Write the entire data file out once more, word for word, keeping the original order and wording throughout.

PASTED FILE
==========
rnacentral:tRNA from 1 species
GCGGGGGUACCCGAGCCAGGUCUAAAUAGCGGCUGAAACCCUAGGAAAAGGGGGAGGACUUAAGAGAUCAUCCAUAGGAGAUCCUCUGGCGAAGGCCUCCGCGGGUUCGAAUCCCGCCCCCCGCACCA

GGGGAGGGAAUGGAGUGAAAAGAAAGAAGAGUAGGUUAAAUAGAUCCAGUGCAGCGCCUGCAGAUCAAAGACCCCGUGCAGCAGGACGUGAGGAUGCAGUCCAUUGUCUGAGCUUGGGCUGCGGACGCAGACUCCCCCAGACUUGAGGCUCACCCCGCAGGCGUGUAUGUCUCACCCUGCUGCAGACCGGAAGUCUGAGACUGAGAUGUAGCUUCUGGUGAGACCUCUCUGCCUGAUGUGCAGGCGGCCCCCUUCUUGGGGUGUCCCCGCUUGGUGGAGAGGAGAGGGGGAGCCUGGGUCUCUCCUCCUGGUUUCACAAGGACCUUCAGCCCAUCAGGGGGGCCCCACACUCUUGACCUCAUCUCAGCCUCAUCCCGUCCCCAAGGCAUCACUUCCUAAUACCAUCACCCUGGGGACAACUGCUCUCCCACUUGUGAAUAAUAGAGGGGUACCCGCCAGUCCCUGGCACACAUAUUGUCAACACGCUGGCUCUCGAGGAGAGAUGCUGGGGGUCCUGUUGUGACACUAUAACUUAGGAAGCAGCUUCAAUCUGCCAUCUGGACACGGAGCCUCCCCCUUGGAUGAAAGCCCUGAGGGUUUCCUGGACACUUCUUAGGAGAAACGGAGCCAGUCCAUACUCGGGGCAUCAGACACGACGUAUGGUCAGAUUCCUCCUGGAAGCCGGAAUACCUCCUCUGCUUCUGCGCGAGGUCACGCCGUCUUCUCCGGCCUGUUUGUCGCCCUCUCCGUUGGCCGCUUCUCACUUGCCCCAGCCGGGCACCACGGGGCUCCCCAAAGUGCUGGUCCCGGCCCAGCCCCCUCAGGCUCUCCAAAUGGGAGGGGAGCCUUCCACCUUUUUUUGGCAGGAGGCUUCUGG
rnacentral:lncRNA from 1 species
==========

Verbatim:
rnacentral:tRNA from 1 species
GCGGGGGUACCCGAGCCAGGUCUAAAUAGCGGCUGAAACCCUAGGAAAAGGGGGAGGACUUAAGAGAUCAUCCAUAGGAGAUCCUCUGGCGAAGGCCUCCGCGGGUUCGAAUCCCGCCCCCCGCACCA

GGGGAGGGAAUGGAGUGAAAAGAAAGAAGAGUAGGUUAAAUAGAUCCAGUGCAGCGCCUGCAGAUCAAAGACCCCGUGCAGCAGGACGUGAGGAUGCAGUCCAUUGUCUGAGCUUGGGCUGCGGACGCAGACUCCCCCAGACUUGAGGCUCACCCCGCAGGCGUGUAUGUCUCACCCUGCUGCAGACCGGAAGUCUGAGACUGAGAUGUAGCUUCUGGUGAGACCUCUCUGCCUGAUGUGCAGGCGGCCCCCUUCUUGGGGUGUCCCCGCUUGGUGGAGAGGAGAGGGGGAGCCUGGGUCUCUCCUCCUGGUUUCACAAGGACCUUCAGCCCAUCAGGGGGGCCCCACACUCUUGACCUCAUCUCAGCCUCAUCCCGUCCCCAAGGCAUCACUUCCUAAUACCAUCACCCUGGGGACAACUGCUCUCCCACUUGUGAAUAAUAGAGGGGUACCCGCCAGUCCCUGGCACACAUAUUGUCAACACGCUGGCUCUCGAGGAGAGAUGCUGGGGGUCCUGUUGUGACACUAUAACUUAGGAAGCAGCUUCAAUCUGCCAUCUGGACACGGAGCCUCCCCCUUGGAUGAAAGCCCUGAGGGUUUCCUGGACACUUCUUAGGAGAAACGGAGCCAGUCCAUACUCGGGGCAUCAGACACGACGUAUGGUCAGAUUCCUCCUGGAAGCCGGAAUACCUCCUCUGCUUCUGCGCGAGGUCACGCCGUCUUCUCCGGCCUGUUUGUCGCCCUCUCCGUUGGCCGCUUCUCACUUGCCCCAGCCGGGCACCACGGGGCUCCCCAAAGUGCUGGUCCCGGCCCAGCCCCCUCAGGCUCUCCAAAUGGGAGGGGAGCCUUCCACCUUUUUUUGGCAGGAGGCUUCUGG
rnacentral:lncRNA from 1 species